0
We're unable to sign you in at this time. Please try again in a few minutes.
Retry
We were able to sign you in, but your subscription(s) could not be found. Please try again in a few minutes.
Retry
There may be a problem with your account. Please contact the AMA Service Center to resolve this issue.
Contact the AMA Service Center:
Telephone: 1 (800) 262-2350 or 1 (312) 670-7827  *   Email: subscriptions@jamanetwork.com
Error Message ......
Correspondence and Brief Communications |

Treatment Considerations for Inherited Thrombophilia and Pulmonary Embolus

Robert J. Baker, MD
Arch Surg. 2001;136(2):237. doi:10.1001/archsurg.136.2.237.
Text Size: A A A
Published online

Extract

The article by Blaszyk and Björnsson1 in the December issue of the ARCHIVES is one of many recently published concerning the factor V Leiden (FVL) mutation. The "big three" of thrombophilias (hypercoagulability states) used to be antithrombin deficiency, deficiency of protein C, and deficiency of protein S. Antithrombin III inactivates clotting factors Xa and XIII; although most patients have an acquired deficit, approximately 1 in 1000 individuals in the United States have a congenital deficit with an identified genetic defect (an autosomal dominant). Likewise, protein C and S deficits are ordinarily acquired (commonly from vitamin K deficiency) but can be inherited; these factors interfere with blood clotting by blocking factors V and VIII in the intrinsic cascade. The fourth and most common inheritable thrombophilia is now the FVL mutation, which results in resistance to activated protein C with the potential for causing spontaneous intravascular clotting. This is manifested primarily as spontaneous venous thrombosis but can occasionally cause pulmonary embolus and, less commonly, arterial obstruction.

Sign in

Create a free personal account to sign up for alerts, share articles, and more.

Purchase Options

• Buy this article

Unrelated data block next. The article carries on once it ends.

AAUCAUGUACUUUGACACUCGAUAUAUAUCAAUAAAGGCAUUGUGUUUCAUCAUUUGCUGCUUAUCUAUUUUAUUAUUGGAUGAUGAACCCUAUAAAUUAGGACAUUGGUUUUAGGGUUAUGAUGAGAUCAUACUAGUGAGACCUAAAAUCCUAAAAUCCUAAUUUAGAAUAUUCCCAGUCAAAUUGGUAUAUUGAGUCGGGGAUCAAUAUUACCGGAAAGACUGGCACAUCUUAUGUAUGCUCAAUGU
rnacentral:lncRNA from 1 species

• Subscribe to the journal

First Page Preview

View Large
First page PDF preview

Figures

Tables

References

Correspondence

CME
Meets CME requirements for:
Browse CME for all U.S. States
Accreditation Information
The American Medical Association is accredited by the Accreditation Council for Continuing Medical Education to provide continuing medical education for physicians. The AMA designates this journal-based CME activity for a maximum of 1 AMA PRA Category 1 CreditTM per course. Physicians should claim only the credit commensurate with the extent of their participation in the activity. Physicians who complete the CME course and score at least 80% correct on the quiz are eligible for AMA PRA Category 1 CreditTM.
Note: You must get at least of the answers correct to pass this quiz.
You have not filled in all the answers to complete this quiz
The following questions were not answered:
Sorry, you have unsuccessfully completed this CME quiz with a score of
The following questions were not answered correctly:
Commitment to Change (optional):
Indicate what change(s) you will implement in your practice, if any, based on this CME course.
Your quiz results:
The filled radio buttons indicate your responses. The preferred responses are highlighted
For CME Course: A Proposed Model for Initial Assessment and Management of Acute Heart Failure Syndromes
Indicate what changes(s) you will implement in your practice, if any, based on this CME course.
Submit a Comment

Multimedia

Some tools below are only available to our subscribers or users with an online account.

Sign in

Create a free personal account to sign up for alerts, share articles, and more.

Purchase Options

• Buy this article
• Subscribe to the journal

Related Content

Customize your page view by dragging & repositioning the boxes below.

Articles Related By Topic
Related Collections
PubMed Articles
Jobs
JAMAevidence.com

Users' Guides to the Medical Literature
Thromboembolism or Acute Pulmonary Embolism

Users' Guides to the Medical Literature
Table 9.2-3 Refuted Evidence From Observational Studiesa

brightcove.createExperiences();